• Conduct a Stakeholder Listening Tour – Develop relationships with stakeholders in OIA, county government, advocacy organizations, and members of the public. Review literature, evidence, and models for inclusive, user-friendly language access in large, diverse communities.
  • Research and Data Analysis – Support the identification and analysis of quantitative and qualitative data on language needs, gaps, and opportunities in Los Angeles County.
  • Language Resource Toolkit – Collaborate with county stakeholders to lead the development of high quality, localized language access resources.
  • Toolkit Utilization Strategy – Develop a strategy for training county departments to facilitate effective use of the language resource toolkit.


  • Executive Sponsor – Joel Ayala, Chief Deputy Director; Department of Consumer and Business Affairs
  • Project Supervisor – Daniel Sharp, Chief; Office of Immigrant Affairs


In addition to the qualifications listed below, an immigrant integration background with a focus on language access is preferred for this project. Candidates who have experience serving diverse clientele with various language needs in any professional setting will also be favorably considered.

  • Synthesizes complex information into clear and concise recommendations and action-oriented implementation plans.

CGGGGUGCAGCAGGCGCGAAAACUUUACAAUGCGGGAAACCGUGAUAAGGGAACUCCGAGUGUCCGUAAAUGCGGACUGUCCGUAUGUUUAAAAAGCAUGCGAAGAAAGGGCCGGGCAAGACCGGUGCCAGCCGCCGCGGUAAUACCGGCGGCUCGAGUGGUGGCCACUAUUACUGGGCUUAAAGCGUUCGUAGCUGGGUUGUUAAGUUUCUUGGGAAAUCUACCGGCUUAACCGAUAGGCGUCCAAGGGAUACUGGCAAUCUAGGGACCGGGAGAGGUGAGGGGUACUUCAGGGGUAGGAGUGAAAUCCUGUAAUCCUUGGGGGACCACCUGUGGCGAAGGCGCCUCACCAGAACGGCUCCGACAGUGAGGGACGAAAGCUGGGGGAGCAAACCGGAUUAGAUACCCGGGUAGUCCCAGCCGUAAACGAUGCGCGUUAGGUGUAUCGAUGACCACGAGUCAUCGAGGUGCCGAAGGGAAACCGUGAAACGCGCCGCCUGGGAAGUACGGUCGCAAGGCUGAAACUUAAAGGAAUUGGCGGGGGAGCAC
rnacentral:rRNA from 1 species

• Develops and effectively implements both strategic and operational project management plans.
  • Generates innovative, data-driven, and result-oriented solutions to difficult challenges.
  • Responds quickly to changing ideas, responsibilities, expectations, trends, strategies and other processes.
  • Communicates effectively both verbally and in writing, and excels in both active listening and conversing.
  • Fosters collaboration across multiple constituencies in order to support more effective decision making.
  • Establishes and maintains strong relationships with a diverse array of stakeholders, both inside and outside of government, and particularly including community-based relationships.
  • Embraces differing viewpoints and implements strategies to find common ground.
  • Demonstrates confidence and professional diplomacy, while effectively interacting with individuals at all levels of various organizations.

FUSE Corps is an equal opportunity employer with core values of diversity, equity, and inclusion. We encourage candidates from all backgrounds to apply for this position.